Proponents of the Patient Protection and Affordable Care Act love to note that children are now guaranteed issue. Insurance companies can no longer refuse to cover a minor due to preexisting conditions. Fearing the inevitable dumping of unhealthy children from group (employer sponsored) policies to individual contracts, the insurance companies simply stopped selling Child,Only policies.

The few unhealthy uninsured children of families that neither qualified for group health insurance or Medicaid are still uninsured. This will not change for another couple of years, if ever. But the negative impact was immediate.

Janet (name changed) works for a large property management company. Her employer’s new policy, as of February 1st, will cost her only $60 per month. That is the price for just her, the employee. The premium for her and her two daughters would be just a touch over $500 per month. Employers across the country are cutting back. One way to save money is to pay only a portion of the employee’s health insurance. If the employee wants to cover a spouse and children, he/she will be charged the difference.

A year ago I could have written great coverage on Janet’s two healthy daughters for less than $200 per month. Janet would have stayed on the employer’s plan, placed the girls with Anthem or MMO, and saved over $2,000. Janet even had the option of choosing a higher deductible and saving even more. Today? Nothing!

Janet has two options. She can stay on her employer’s plan and work for the insurance or she and her two daughters can purchase a fully underwritten individual (non-group) policy. She chose a high deductible health plan that will cost her $194 per month for the three of them. Is this the best solution? Of course not. But Congresswoman Fudge and her friends killed the best solution last March.

I didn’t return Ms. Prinz’s phone call. I don’t know of any businesses or employees who have benefitted from her boss’s efforts. And I have no reason to believe that our Congresswoman has any interest in learning about the collateral damage.

Besides, we know they are reading this. We just don’t know if they care enough to make any changes.

DAVE

www.bcandb.com

Hyperbole – Fun For The Entire Family

Thursday, January 13, 2011
The members of the House of Representatives were sworn in this week. The Republicans are now in the majority. Representative John Boehner (R-OH) is the new Speaker. Will their first major issue be the economy? The deficit? Jobs? Our young men and women dying on foreign soil? Don’t be silly. Just as the Democrats rushed past the necessary in favor of health care and health insurance, the Republicans are ready to vote to repeal “Obamacare”.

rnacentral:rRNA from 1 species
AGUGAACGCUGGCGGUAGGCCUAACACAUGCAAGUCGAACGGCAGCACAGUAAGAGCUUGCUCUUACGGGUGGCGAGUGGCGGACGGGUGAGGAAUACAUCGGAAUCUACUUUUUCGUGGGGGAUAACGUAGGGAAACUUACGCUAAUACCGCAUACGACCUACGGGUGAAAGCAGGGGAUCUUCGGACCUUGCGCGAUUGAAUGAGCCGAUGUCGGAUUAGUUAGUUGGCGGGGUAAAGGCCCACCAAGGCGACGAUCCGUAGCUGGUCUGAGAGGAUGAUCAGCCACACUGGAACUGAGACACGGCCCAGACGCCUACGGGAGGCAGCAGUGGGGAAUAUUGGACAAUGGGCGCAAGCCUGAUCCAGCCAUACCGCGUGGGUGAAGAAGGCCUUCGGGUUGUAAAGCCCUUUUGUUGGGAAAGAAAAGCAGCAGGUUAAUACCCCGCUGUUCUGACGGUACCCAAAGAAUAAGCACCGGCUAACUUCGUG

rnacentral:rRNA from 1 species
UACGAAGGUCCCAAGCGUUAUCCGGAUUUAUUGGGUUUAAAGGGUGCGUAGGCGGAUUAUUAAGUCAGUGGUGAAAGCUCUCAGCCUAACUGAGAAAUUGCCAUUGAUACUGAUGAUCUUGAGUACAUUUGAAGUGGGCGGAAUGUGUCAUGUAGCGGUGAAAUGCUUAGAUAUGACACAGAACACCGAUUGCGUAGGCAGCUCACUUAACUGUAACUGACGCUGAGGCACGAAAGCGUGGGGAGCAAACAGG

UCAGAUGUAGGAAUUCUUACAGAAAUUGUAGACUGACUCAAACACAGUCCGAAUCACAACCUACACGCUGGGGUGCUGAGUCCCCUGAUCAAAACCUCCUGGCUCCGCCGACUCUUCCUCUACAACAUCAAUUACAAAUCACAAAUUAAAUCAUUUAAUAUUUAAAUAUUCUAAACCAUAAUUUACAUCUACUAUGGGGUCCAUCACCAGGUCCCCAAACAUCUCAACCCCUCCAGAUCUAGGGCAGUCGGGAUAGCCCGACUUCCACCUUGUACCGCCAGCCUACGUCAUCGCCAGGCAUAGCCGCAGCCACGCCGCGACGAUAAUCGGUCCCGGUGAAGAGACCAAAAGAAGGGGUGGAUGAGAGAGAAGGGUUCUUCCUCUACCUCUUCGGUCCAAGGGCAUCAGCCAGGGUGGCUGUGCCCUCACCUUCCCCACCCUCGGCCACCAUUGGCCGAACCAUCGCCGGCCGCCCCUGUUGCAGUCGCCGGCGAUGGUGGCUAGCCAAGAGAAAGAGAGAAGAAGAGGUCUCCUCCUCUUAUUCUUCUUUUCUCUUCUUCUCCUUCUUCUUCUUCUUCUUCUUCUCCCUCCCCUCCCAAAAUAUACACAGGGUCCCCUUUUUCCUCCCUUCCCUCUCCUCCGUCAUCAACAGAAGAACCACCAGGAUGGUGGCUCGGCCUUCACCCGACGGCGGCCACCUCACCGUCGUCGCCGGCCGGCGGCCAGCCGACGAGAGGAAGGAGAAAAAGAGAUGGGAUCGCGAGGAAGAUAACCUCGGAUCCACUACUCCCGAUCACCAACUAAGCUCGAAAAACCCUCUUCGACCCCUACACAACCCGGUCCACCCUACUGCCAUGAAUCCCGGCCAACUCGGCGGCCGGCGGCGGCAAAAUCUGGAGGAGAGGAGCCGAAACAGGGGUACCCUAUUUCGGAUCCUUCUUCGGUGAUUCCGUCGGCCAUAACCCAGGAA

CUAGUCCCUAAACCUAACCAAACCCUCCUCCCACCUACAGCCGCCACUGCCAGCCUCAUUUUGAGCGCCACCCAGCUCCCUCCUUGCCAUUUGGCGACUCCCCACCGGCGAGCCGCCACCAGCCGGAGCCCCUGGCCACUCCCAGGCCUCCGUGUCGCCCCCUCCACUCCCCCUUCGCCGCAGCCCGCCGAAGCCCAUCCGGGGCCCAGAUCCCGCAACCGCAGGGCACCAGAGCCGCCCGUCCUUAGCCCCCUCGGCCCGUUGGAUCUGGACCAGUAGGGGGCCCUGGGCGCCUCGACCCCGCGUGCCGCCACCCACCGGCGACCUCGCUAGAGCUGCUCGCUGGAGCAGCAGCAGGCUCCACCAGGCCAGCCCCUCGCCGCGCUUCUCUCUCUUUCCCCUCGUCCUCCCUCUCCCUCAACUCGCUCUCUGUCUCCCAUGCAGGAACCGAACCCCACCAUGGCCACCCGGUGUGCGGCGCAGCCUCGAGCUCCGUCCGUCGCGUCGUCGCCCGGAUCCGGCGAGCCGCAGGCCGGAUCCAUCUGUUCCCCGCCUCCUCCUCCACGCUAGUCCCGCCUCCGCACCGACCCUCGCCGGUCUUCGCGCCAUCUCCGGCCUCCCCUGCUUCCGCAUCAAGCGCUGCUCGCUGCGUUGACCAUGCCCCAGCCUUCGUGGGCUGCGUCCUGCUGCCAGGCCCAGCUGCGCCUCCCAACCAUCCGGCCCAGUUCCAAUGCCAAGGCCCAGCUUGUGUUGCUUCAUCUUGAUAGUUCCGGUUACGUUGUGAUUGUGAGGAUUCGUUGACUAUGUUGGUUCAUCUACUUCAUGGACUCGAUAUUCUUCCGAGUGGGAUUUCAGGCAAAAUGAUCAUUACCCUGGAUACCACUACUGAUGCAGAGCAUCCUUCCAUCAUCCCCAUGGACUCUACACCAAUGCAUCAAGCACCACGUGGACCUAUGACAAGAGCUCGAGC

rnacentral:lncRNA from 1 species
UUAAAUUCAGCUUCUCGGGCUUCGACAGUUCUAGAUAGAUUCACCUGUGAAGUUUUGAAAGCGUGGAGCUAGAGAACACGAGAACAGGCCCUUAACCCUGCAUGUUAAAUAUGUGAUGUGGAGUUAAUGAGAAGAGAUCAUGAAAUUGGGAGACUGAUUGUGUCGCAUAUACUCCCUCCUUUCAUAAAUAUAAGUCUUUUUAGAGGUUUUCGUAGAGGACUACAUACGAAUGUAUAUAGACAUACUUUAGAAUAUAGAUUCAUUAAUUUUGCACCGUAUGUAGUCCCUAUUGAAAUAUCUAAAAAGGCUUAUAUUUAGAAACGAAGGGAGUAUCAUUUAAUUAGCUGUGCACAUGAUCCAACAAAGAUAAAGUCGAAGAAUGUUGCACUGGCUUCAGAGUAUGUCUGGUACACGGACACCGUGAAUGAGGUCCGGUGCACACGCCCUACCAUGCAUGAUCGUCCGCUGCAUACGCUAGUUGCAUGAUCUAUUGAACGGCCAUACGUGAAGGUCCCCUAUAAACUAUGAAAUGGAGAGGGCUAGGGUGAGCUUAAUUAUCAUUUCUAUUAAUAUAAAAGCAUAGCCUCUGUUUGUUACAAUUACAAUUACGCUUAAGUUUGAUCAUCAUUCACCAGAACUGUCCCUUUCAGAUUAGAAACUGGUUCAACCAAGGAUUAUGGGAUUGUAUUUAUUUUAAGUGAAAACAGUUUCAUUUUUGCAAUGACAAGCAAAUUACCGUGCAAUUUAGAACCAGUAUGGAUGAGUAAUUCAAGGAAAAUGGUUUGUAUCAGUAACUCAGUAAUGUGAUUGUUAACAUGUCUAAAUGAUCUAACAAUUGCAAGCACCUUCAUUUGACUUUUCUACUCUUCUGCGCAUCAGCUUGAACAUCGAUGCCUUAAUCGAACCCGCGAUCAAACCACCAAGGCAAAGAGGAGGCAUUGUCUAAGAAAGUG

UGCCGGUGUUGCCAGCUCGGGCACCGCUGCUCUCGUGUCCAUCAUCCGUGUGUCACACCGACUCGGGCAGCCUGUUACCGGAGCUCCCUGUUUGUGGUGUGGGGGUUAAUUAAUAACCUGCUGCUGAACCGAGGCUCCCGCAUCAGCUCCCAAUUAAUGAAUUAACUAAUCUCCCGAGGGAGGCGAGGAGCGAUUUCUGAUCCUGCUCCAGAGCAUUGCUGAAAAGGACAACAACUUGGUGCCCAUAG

The Republicans have excitedly drawn a line in the sand. This expression couldn’t be more apropos. The common understanding is that they have marked off their territory and will defend to the death their beliefs. But we all know that this vote, and the days of debate that will precede it, are a terrible waste of time. The Republican House will pass a bill that the Democrat controlled Senate will ignore and the President would quickly veto.

The Republicans have excitedly drawn a line in the sand. Take that literally. As everyone who has ever had the pleasure of visiting a beach knows, drawing a line in the sand is a temporary act that has no value. Your line, or if you are really ambitious, your sand castle, only lasts until the next inevitable wave washes it away.

The reopening of last year’s health care debate has allowed both sides to erect and knock down their favorite straw men. If it were not for the recent tragic events in Arizona, we would have had the debate and vote this week. Instead, we are treated to a week of accusations and recriminations. Health care will have to wait till next week.

But the posturing has begun.

The Republicans talk about tyranny, about forcing citizens to have insurance to pay their medical bills. They also point to a huge new federal government program, much like No Child Left Behind, that will impose new costs and responsibilities on the states. There is nothing worse than a poorly designed, unfunded program created by the other side.

The Democrats are relishing this debate. They love to point out that children are now guaranteed issue and that their preexisting conditions must be covered. The Dems just conveniently forget to mention that Child Only policies no longer exist in most of the country. If the policy still existed, it would be wonderful for a limited number of families. Instead, lots of healthy children can no longer be covered at a reasonable price.

Other new benefits include free Medicare physicals for seniors and that adult children can now stay on their parents’ policies until they are 26. We don’t need to do scientific polling to learn that people like free stuff. Who pays for this free stuff? Well, you do of course.

The other big defense of the Patient Protection and Affordable Care Act (PPACA) is that its repeal would cost us money. Senator Sherrod Brown (D-OH) has been citing the Congressional Budget Office’s estimate. This, too, is a moving target. The Senator has used a CBO figure of $232 billion of savings over the next ten years. Some sources have soft-peddled this down to a more believable $100 billion while others have reiterated the $230 billion guesstimate.

How does the federal government profit under PPACA? Part of the money comes from unrealistic cuts in Medicare. The oft-maligned new 1099 regulations, a set of rules to attack the underground economy, account for $18 billion. Another moneymaker is the tax/fee/penalty imposed on businesses that don’t provide employee coverage by 2014. The Democrats are also counting on the tax on so-called Cadillac health plans to generate a chunk of change.

None of these revenue sources stand on their own merit. The 1099 rules are already on life support.

The House Republicans have yet to creatively and constructively begin the difficult task of restructuring the PPACA to address our system’s deficiencies. The Democrats are defending the indefensible because they can. Meanwhile, businesses are spending money to comply with laws that are still changing and the only thing we all share is uncertainty.

If you are forced to watch C-Span next week, I suggest you hit the mute button.

DAVE

www.bcandb.com